[BLML] They won't believe you [SEC=UNOFFICIAL]

richard.hills at immi.gov.au richard.hills at immi.gov.au
Thu Jul 12 04:08:35 CEST 2012


Macquarie Dictionary, 8th definition of "verbal":

Colloquial, an oral confession, usually made to
police and recorded by them, and sometimes
alleged to be fabricated. –verb (t) (verballed,
verballing) [late Middle English, from Latin
"verbālis", from "verbum" word]

Hypothetical 2017 Law 85A2, first sentence,
slightly amended:

Verbal evidence to the Director (John
"MadDog" Probst has colloquially defined the
Director as the NYPD) is still evidence.

An American blmler's quibble, July 2012:

>>>Richard,
>>>
>>>As an admirer generally of your language,
>>>I wish you would not use "verbal" when you
>>>mean "oral." Strictly speaking, "verbal"
>>>means communication with words, orally or
>>>on paper, it is not an antonym for "written."
>>>
>>>Yes, "a verbal agreement isn't worth the
>>>paper it's written on," but Goldwyn was not
>>>a language expert like you, and should
>>>have used "oral" for a good joke.

An Aussie blmler's quibble, April 2006:

>>I would like to table Grattan's comment.
>>
>>In English English, to table Grattan's
>>comment means making Grattan's
>>comment available for further discussion.
>>
>>In American English, to table Grattan's
>>comment means prohibiting any further
>>discussion of it.
>>
>>In Aussie English (Strine), to table Grattan's
>>comment means turning it into a piece of
>>furniture.

Grattan Endicott, April 2006:

>+=+ We do not have a common language.
>We have languages that have a great deal in
>common. But since 1620 AD, or earlier, our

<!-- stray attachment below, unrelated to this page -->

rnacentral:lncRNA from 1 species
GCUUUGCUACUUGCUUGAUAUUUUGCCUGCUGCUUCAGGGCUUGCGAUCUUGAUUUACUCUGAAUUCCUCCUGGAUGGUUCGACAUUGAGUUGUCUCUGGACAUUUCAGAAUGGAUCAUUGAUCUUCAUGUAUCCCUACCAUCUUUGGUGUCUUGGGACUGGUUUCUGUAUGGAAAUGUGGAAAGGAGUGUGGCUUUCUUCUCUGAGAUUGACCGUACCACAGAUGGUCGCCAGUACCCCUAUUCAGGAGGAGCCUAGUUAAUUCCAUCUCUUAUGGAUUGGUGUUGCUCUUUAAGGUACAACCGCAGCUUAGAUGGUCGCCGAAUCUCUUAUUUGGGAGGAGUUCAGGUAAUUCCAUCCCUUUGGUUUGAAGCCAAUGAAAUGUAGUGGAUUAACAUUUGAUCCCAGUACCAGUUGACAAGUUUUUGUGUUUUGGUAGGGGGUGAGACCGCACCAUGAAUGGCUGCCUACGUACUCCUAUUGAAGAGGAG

>languages have been diverging - until fairly
>recently when we have languages coming
>together at the same time as they move
>apart. The conceit of some Americans in
>their (American) 'English' is no less than my
>conceit in our autochthonous tongue.
>
>As an aside, this is one of the perils for the
>juridical draughtsman - producing text that
>has the same meaning in American
>English as in English. ~ Grattan ~ +=+

Gordon Bower, April 2006:

"Autochthonous". Indeed a real word,
though not one you hear very often.

Its antonym, "allochthonous," on the other
hand, you will hear very frequently -- if you
are a geologist in Alaska, and we have at
least one of those on this mailing list. (It was
news to me to discover, after the spelling
bee, that the words also have currency in
other fields.)

Let's see: maybe we can use this to simplify
the next edition of the alert rules:

"Autochthonous conventions are part of
one's general bridge knowledge and
experience, but all allochthons are
allocated alerts."

And anyone who takes that suggestion
seriously ought be allochtrocuted.

GRB

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